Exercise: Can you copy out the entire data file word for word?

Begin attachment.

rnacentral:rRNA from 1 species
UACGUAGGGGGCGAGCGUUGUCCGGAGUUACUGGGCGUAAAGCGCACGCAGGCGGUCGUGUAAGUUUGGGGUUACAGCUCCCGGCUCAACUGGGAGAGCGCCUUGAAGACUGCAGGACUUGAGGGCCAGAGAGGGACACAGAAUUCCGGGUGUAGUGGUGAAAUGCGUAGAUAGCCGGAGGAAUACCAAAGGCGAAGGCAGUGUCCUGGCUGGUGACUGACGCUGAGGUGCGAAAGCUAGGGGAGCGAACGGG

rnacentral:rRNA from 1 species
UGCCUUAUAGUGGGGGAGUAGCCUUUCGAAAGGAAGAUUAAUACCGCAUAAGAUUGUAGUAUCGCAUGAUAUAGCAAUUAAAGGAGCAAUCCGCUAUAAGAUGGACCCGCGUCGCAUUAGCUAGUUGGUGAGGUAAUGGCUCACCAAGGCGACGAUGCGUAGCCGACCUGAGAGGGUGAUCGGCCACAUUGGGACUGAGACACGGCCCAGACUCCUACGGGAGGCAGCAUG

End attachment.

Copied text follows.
rnacentral:rRNA from 1 species
UACGUAGGGGGCGAGCGUUGUCCGGAGUUACUGGGCGUAAAGCGCACGCAGGCGGUCGUGUAAGUUUGGGGUUACAGCUCCCGGCUCAACUGGGAGAGCGCCUUGAAGACUGCAGGACUUGAGGGCCAGAGAGGGACACAGAAUUCCGGGUGUAGUGGUGAAAUGCGUAGAUAGCCGGAGGAAUACCAAAGGCGAAGGCAGUGUCCUGGCUGGUGACUGACGCUGAGGUGCGAAAGCUAGGGGAGCGAACGGG

rnacentral:rRNA from 1 species
UGCCUUAUAGUGGGGGAGUAGCCUUUCGAAAGGAAGAUUAAUACCGCAUAAGAUUGUAGUAUCGCAUGAUAUAGCAAUUAAAGGAGCAAUCCGCUAUAAGAUGGACCCGCGUCGCAUUAGCUAGUUGGUGAGGUAAUGGCUCACCAAGGCGACGAUGCGUAGCCGACCUGAGAGGGUGAUCGGCCACAUUGGGACUGAGACACGGCCCAGACUCCUACGGGAGGCAGCAUG